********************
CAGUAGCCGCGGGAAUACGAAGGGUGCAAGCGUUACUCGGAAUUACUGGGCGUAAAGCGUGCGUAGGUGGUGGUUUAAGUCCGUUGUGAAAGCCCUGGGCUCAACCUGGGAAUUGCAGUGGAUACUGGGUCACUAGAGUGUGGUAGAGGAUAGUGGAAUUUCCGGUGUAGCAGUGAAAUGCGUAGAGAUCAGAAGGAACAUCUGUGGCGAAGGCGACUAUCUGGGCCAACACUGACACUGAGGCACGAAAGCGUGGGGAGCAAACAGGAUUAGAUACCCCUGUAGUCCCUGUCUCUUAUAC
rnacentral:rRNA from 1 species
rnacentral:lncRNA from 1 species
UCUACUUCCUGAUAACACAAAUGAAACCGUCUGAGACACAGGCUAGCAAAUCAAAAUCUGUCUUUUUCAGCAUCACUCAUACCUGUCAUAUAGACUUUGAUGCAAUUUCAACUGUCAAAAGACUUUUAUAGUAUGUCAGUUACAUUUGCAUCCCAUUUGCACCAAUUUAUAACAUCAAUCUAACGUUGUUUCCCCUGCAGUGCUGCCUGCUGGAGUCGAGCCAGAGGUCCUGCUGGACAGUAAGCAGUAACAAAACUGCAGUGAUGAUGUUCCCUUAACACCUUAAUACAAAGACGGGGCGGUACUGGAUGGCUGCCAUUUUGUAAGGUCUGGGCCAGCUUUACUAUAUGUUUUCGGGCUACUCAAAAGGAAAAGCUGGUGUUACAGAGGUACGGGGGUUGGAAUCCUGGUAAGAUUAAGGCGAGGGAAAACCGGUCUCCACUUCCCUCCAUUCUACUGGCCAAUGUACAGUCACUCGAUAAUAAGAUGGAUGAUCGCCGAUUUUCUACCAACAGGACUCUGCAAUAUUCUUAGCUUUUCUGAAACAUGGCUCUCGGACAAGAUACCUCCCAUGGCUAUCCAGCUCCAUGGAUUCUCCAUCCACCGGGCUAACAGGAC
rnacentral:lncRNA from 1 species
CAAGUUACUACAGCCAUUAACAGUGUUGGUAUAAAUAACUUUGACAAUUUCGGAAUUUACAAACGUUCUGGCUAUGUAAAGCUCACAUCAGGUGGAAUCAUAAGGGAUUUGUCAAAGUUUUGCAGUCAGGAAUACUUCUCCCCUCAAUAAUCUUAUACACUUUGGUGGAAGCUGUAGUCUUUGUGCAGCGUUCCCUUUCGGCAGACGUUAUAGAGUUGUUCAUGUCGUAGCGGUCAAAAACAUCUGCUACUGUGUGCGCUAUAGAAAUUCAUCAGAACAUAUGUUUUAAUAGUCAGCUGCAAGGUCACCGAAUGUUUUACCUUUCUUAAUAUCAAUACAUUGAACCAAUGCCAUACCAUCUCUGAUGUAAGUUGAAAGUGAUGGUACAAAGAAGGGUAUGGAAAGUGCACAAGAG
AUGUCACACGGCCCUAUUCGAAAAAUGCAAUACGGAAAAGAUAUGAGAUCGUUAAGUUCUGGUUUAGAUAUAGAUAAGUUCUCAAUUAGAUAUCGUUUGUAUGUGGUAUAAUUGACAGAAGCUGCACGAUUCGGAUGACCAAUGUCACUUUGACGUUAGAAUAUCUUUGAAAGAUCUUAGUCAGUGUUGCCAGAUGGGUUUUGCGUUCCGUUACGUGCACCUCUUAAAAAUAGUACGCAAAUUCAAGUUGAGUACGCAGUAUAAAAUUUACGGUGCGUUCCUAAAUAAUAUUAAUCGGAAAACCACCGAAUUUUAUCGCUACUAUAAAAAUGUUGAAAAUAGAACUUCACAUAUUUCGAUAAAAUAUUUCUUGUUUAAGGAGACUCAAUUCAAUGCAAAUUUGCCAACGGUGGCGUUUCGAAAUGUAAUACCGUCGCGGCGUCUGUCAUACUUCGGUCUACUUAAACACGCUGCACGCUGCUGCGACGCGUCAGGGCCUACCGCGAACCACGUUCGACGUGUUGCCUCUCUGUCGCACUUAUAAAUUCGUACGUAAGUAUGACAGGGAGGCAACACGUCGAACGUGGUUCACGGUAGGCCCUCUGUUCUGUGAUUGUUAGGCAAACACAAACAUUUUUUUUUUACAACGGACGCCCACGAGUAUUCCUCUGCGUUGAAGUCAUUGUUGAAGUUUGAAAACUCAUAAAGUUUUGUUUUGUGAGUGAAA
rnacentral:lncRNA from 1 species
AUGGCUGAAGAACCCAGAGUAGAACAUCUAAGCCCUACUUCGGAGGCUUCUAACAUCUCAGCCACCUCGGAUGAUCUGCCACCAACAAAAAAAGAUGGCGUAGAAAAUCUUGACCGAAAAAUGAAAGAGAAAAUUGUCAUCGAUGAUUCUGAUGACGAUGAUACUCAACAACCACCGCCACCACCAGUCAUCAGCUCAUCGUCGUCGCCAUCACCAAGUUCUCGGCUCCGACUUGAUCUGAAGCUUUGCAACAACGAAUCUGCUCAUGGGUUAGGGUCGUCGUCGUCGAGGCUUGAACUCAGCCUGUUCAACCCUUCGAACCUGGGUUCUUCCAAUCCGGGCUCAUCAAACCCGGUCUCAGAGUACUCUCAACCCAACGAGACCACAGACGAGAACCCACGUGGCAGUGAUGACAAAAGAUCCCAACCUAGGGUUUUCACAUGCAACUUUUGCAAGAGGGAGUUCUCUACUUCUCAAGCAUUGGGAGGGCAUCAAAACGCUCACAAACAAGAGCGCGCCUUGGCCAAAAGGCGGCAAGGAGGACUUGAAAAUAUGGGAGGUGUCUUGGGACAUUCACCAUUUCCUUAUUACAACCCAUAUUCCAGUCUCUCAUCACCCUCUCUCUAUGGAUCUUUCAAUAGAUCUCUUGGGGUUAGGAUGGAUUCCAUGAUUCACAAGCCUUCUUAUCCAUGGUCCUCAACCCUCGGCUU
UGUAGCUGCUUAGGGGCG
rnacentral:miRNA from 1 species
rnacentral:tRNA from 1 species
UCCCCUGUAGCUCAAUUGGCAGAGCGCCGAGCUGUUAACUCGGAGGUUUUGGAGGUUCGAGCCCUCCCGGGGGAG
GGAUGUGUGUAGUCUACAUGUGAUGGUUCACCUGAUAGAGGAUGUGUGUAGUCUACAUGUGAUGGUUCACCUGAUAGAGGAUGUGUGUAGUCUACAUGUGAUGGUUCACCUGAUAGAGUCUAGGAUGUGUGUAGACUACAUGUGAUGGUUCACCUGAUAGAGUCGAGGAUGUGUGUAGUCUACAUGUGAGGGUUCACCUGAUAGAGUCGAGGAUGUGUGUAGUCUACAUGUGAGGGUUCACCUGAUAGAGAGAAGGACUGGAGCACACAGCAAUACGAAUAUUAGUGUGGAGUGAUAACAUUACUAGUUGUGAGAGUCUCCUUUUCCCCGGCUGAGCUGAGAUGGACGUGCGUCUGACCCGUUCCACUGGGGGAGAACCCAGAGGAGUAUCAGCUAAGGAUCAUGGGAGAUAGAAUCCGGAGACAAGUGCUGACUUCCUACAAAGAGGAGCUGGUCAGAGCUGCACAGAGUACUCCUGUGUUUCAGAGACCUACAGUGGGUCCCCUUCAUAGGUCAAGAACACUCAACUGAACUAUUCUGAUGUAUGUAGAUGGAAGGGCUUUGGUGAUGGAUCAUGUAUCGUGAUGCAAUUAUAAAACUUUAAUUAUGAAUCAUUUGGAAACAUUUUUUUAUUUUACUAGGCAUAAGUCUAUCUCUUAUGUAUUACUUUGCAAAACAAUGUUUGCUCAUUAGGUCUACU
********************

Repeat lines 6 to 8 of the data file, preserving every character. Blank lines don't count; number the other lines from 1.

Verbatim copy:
CAAGUUACUACAGCCAUUAACAGUGUUGGUAUAAAUAACUUUGACAAUUUCGGAAUUUACAAACGUUCUGGCUAUGUAAAGCUCACAUCAGGUGGAAUCAUAAGGGAUUUGUCAAAGUUUUGCAGUCAGGAAUACUUCUCCCCUCAAUAAUCUUAUACACUUUGGUGGAAGCUGUAGUCUUUGUGCAGCGUUCCCUUUCGGCAGACGUUAUAGAGUUGUUCAUGUCGUAGCGGUCAAAAACAUCUGCUACUGUGUGCGCUAUAGAAAUUCAUCAGAACAUAUGUUUUAAUAGUCAGCUGCAAGGUCACCGAAUGUUUUACCUUUCUUAAUAUCAAUACAUUGAACCAAUGCCAUACCAUCUCUGAUGUAAGUUGAAAGUGAUGGUACAAAGAAGGGUAUGGAAAGUGCACAAGAG
AUGUCACACGGCCCUAUUCGAAAAAUGCAAUACGGAAAAGAUAUGAGAUCGUUAAGUUCUGGUUUAGAUAUAGAUAAGUUCUCAAUUAGAUAUCGUUUGUAUGUGGUAUAAUUGACAGAAGCUGCACGAUUCGGAUGACCAAUGUCACUUUGACGUUAGAAUAUCUUUGAAAGAUCUUAGUCAGUGUUGCCAGAUGGGUUUUGCGUUCCGUUACGUGCACCUCUUAAAAAUAGUACGCAAAUUCAAGUUGAGUACGCAGUAUAAAAUUUACGGUGCGUUCCUAAAUAAUAUUAAUCGGAAAACCACCGAAUUUUAUCGCUACUAUAAAAAUGUUGAAAAUAGAACUUCACAUAUUUCGAUAAAAUAUUUCUUGUUUAAGGAGACUCAAUUCAAUGCAAAUUUGCCAACGGUGGCGUUUCGAAAUGUAAUACCGUCGCGGCGUCUGUCAUACUUCGGUCUACUUAAACACGCUGCACGCUGCUGCGACGCGUCAGGGCCUACCGCGAACCACGUUCGACGUGUUGCCUCUCUGUCGCACUUAUAAAUUCGUACGUAAGUAUGACAGGGAGGCAACACGUCGAACGUGGUUCACGGUAGGCCCUCUGUUCUGUGAUUGUUAGGCAAACACAAACAUUUUUUUUUUACAACGGACGCCCACGAGUAUUCCUCUGCGUUGAAGUCAUUGUUGAAGUUUGAAAACUCAUAAAGUUUUGUUUUGUGAGUGAAA
rnacentral:lncRNA from 1 species